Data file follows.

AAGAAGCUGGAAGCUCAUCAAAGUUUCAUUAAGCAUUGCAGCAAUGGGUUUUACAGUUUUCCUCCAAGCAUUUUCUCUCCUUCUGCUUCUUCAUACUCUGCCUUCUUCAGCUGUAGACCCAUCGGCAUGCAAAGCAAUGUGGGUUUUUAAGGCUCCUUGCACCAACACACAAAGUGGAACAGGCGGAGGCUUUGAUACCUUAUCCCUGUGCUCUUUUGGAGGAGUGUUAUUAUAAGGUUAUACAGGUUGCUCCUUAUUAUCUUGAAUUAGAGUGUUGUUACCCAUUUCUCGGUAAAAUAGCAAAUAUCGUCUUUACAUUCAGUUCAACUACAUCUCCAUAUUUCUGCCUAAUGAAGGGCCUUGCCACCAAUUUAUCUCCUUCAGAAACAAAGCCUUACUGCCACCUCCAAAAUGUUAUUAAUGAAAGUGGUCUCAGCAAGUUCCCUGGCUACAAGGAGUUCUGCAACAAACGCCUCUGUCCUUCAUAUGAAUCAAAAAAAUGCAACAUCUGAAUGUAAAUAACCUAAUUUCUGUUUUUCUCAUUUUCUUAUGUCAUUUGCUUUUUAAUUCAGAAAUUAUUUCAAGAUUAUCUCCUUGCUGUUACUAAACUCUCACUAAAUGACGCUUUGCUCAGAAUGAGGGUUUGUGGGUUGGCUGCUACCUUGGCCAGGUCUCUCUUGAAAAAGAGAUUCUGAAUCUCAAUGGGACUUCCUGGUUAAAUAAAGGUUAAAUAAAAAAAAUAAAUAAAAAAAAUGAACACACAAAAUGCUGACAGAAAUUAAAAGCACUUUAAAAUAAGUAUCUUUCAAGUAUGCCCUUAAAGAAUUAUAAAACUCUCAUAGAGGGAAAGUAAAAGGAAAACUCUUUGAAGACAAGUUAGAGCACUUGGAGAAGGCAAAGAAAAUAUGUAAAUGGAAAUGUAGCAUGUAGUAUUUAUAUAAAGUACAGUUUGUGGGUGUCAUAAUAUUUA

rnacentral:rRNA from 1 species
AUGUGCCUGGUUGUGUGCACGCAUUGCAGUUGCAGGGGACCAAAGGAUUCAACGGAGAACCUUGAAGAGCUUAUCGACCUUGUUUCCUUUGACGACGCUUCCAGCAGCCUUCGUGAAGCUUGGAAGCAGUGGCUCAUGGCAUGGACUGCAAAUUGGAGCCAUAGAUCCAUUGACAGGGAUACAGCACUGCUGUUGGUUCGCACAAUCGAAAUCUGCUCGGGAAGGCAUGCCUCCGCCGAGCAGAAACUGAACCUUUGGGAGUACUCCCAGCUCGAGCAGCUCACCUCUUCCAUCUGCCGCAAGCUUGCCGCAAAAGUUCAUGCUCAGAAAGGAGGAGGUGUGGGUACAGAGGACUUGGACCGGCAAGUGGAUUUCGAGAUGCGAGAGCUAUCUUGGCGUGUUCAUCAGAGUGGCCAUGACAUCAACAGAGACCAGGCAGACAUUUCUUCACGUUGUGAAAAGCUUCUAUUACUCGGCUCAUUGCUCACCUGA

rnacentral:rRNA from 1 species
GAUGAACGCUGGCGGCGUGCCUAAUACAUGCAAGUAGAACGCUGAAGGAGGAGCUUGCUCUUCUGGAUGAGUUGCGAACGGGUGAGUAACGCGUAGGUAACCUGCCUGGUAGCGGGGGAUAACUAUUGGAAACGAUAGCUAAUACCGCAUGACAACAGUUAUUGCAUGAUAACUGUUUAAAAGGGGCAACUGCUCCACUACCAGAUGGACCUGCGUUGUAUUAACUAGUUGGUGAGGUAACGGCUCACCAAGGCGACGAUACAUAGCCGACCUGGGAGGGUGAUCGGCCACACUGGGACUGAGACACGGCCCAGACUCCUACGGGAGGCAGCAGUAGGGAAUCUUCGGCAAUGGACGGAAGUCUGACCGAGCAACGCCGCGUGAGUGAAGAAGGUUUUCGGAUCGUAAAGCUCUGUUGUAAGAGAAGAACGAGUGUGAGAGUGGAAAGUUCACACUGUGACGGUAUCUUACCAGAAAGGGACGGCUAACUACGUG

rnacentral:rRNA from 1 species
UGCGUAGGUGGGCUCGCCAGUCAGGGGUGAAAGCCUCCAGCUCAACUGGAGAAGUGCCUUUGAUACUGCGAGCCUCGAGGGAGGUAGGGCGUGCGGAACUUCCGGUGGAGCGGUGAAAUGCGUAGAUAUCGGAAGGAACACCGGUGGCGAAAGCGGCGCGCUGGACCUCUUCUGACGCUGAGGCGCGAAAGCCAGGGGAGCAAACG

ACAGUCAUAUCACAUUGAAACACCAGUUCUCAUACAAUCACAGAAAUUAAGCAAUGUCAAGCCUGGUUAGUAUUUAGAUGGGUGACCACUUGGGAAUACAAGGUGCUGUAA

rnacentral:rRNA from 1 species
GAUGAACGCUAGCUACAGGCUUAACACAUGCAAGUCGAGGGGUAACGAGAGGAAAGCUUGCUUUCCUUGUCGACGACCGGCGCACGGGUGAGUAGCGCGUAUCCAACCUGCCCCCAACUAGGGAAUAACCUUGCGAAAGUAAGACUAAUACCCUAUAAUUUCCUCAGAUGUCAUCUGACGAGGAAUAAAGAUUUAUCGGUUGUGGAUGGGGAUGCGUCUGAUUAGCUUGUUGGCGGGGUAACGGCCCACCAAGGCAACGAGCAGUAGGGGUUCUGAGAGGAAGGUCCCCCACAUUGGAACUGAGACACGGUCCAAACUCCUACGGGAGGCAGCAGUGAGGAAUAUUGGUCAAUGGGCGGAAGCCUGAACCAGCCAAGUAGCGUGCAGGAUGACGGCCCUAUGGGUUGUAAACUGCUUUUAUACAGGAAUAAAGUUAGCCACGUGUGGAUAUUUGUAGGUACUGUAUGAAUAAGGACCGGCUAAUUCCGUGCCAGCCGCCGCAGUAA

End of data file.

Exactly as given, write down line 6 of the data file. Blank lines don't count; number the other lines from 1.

rnacentral:rRNA from 1 species